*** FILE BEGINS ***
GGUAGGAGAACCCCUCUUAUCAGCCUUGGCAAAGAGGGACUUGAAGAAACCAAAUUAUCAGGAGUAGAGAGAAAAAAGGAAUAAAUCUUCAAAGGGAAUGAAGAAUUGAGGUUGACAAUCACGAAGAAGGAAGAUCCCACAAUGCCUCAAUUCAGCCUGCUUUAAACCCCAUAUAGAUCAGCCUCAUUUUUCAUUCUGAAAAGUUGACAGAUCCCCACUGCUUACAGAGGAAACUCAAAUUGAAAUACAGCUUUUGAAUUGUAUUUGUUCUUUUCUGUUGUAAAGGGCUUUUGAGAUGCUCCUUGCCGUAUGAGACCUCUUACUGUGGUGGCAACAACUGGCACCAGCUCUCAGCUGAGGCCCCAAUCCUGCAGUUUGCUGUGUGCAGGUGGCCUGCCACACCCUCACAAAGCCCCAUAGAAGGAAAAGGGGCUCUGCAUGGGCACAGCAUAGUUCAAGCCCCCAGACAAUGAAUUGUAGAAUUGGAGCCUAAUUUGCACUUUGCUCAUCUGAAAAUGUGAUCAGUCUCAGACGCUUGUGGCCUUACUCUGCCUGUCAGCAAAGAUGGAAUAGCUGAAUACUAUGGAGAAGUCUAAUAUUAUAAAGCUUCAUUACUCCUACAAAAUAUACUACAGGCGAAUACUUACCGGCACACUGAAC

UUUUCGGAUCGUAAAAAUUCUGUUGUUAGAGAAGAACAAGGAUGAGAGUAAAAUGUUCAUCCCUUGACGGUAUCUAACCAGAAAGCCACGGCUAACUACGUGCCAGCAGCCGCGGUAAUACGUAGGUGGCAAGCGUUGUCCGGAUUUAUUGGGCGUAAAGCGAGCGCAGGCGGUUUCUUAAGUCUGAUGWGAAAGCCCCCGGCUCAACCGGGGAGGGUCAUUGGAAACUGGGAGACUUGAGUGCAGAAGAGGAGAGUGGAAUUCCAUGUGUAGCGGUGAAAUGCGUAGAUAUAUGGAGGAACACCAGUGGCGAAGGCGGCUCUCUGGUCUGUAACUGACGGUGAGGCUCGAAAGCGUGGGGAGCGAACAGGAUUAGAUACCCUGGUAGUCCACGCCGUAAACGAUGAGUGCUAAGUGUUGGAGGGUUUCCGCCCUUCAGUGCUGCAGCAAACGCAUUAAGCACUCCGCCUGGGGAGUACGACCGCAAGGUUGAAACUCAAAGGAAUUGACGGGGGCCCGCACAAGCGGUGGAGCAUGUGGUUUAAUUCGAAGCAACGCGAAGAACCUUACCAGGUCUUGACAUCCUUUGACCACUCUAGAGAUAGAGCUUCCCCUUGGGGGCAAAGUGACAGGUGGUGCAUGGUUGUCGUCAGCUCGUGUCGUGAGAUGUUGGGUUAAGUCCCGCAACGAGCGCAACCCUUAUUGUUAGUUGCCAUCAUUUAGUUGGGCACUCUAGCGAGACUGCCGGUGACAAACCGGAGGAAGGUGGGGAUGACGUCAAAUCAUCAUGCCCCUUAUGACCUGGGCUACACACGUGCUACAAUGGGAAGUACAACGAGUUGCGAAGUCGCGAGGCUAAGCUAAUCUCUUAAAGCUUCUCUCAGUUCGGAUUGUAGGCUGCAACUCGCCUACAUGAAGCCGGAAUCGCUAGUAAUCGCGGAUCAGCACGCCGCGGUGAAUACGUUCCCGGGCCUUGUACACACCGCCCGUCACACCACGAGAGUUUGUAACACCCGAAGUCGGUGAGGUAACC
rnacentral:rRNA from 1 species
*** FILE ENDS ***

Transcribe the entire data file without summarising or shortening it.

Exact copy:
GGUAGGAGAACCCCUCUUAUCAGCCUUGGCAAAGAGGGACUUGAAGAAACCAAAUUAUCAGGAGUAGAGAGAAAAAAGGAAUAAAUCUUCAAAGGGAAUGAAGAAUUGAGGUUGACAAUCACGAAGAAGGAAGAUCCCACAAUGCCUCAAUUCAGCCUGCUUUAAACCCCAUAUAGAUCAGCCUCAUUUUUCAUUCUGAAAAGUUGACAGAUCCCCACUGCUUACAGAGGAAACUCAAAUUGAAAUACAGCUUUUGAAUUGUAUUUGUUCUUUUCUGUUGUAAAGGGCUUUUGAGAUGCUCCUUGCCGUAUGAGACCUCUUACUGUGGUGGCAACAACUGGCACCAGCUCUCAGCUGAGGCCCCAAUCCUGCAGUUUGCUGUGUGCAGGUGGCCUGCCACACCCUCACAAAGCCCCAUAGAAGGAAAAGGGGCUCUGCAUGGGCACAGCAUAGUUCAAGCCCCCAGACAAUGAAUUGUAGAAUUGGAGCCUAAUUUGCACUUUGCUCAUCUGAAAAUGUGAUCAGUCUCAGACGCUUGUGGCCUUACUCUGCCUGUCAGCAAAGAUGGAAUAGCUGAAUACUAUGGAGAAGUCUAAUAUUAUAAAGCUUCAUUACUCCUACAAAAUAUACUACAGGCGAAUACUUACCGGCACACUGAAC

UUUUCGGAUCGUAAAAAUUCUGUUGUUAGAGAAGAACAAGGAUGAGAGUAAAAUGUUCAUCCCUUGACGGUAUCUAACCAGAAAGCCACGGCUAACUACGUGCCAGCAGCCGCGGUAAUACGUAGGUGGCAAGCGUUGUCCGGAUUUAUUGGGCGUAAAGCGAGCGCAGGCGGUUUCUUAAGUCUGAUGWGAAAGCCCCCGGCUCAACCGGGGAGGGUCAUUGGAAACUGGGAGACUUGAGUGCAGAAGAGGAGAGUGGAAUUCCAUGUGUAGCGGUGAAAUGCGUAGAUAUAUGGAGGAACACCAGUGGCGAAGGCGGCUCUCUGGUCUGUAACUGACGGUGAGGCUCGAAAGCGUGGGGAGCGAACAGGAUUAGAUACCCUGGUAGUCCACGCCGUAAACGAUGAGUGCUAAGUGUUGGAGGGUUUCCGCCCUUCAGUGCUGCAGCAAACGCAUUAAGCACUCCGCCUGGGGAGUACGACCGCAAGGUUGAAACUCAAAGGAAUUGACGGGGGCCCGCACAAGCGGUGGAGCAUGUGGUUUAAUUCGAAGCAACGCGAAGAACCUUACCAGGUCUUGACAUCCUUUGACCACUCUAGAGAUAGAGCUUCCCCUUGGGGGCAAAGUGACAGGUGGUGCAUGGUUGUCGUCAGCUCGUGUCGUGAGAUGUUGGGUUAAGUCCCGCAACGAGCGCAACCCUUAUUGUUAGUUGCCAUCAUUUAGUUGGGCACUCUAGCGAGACUGCCGGUGACAAACCGGAGGAAGGUGGGGAUGACGUCAAAUCAUCAUGCCCCUUAUGACCUGGGCUACACACGUGCUACAAUGGGAAGUACAACGAGUUGCGAAGUCGCGAGGCUAAGCUAAUCUCUUAAAGCUUCUCUCAGUUCGGAUUGUAGGCUGCAACUCGCCUACAUGAAGCCGGAAUCGCUAGUAAUCGCGGAUCAGCACGCCGCGGUGAAUACGUUCCCGGGCCUUGUACACACCGCCCGUCACACCACGAGAGUUUGUAACACCCGAAGUCGGUGAGGUAACC
rnacentral:rRNA from 1 species